If you’re not afraid of heights, you can now experience the famed Rock of Gibraltar in a whole new way. Gibraltar-based architecture firm Arc Designs has turned an old WWII military platform on the very top of the landmark into a gorgeous glass skywalk with stunning views of the Rock and the surrounding ocean. Located 340 meters above sea level, the Gibraltar Skywalk is comprised of four layers of glass and over 60,000 pounds of steel embedded into the rocky, steep terrain.
The glass-enclosed viewing area is built in the Upper Rock Nature Reserve, which contained a platform formerly used as an anti-aircraft base in WWII. The architects used the base as a starting point to extend a glazed walkway and balustrade over the rocky terrain.
Visitors can access the viewing platform via stairs or a glass elevator. Once on the walkway, they can enjoy east and westward views that look out over the Mediterranean Sea and Atlantic Ocean. In fact, according to Arc Designs, the extraordinary location drove the inspiration for the skywalk‘s design: “The design aspiration of this project was to afford the visitor with new and unrivaled views in all directions including over the rocky cliff-face below, while at the same time ensuring a subtle intervention, which did not detract from the natural and historic nature of this unique setting.”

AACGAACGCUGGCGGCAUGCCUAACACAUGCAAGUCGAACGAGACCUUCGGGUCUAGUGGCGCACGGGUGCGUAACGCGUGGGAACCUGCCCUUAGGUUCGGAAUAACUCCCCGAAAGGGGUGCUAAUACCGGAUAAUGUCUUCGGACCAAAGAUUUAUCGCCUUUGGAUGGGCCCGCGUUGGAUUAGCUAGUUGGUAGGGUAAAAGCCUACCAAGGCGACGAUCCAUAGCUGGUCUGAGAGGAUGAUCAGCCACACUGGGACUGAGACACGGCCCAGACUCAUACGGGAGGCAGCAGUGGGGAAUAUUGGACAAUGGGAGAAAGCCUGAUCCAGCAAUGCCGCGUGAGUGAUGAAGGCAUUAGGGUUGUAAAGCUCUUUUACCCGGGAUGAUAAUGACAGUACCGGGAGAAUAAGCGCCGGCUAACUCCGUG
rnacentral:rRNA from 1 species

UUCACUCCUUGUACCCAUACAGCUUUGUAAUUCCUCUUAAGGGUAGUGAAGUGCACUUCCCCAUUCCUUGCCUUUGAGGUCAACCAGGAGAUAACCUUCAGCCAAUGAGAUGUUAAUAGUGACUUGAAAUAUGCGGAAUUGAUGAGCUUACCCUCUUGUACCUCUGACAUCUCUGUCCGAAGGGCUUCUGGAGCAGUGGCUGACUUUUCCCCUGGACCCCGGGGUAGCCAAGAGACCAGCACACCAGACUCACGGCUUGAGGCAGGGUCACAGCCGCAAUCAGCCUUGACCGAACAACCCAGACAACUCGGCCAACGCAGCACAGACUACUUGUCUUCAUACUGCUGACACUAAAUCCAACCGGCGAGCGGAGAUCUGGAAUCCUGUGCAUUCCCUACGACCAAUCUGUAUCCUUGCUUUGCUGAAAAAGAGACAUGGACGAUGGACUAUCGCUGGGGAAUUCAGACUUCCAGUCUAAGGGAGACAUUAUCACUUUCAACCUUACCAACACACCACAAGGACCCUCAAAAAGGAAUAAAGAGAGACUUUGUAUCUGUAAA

Although the setting guarantees beautiful views, the perilous terrain did present quite a few challenges for the project. “Because vehicular access to this area is limited to very narrow and winding roads, the entire walkway structure had to be fabricated in smaller sections which could be transported and assembled together in-situ,” explain the architects.
To ensure that the glass skywalk was secure enough to withstand the visitor load, as well as the typical wind speeds – which can reach over 93 miles hour – the structure had to be embedded into the ground with multiple rock anchors. The entire project used a steel skeleton made up of 18 separate pieces. To build out the walkway, over 8,000 square feet of glass panels were installed.
Photographs by Stephen Ball, courtesy of Bovis-Koala JV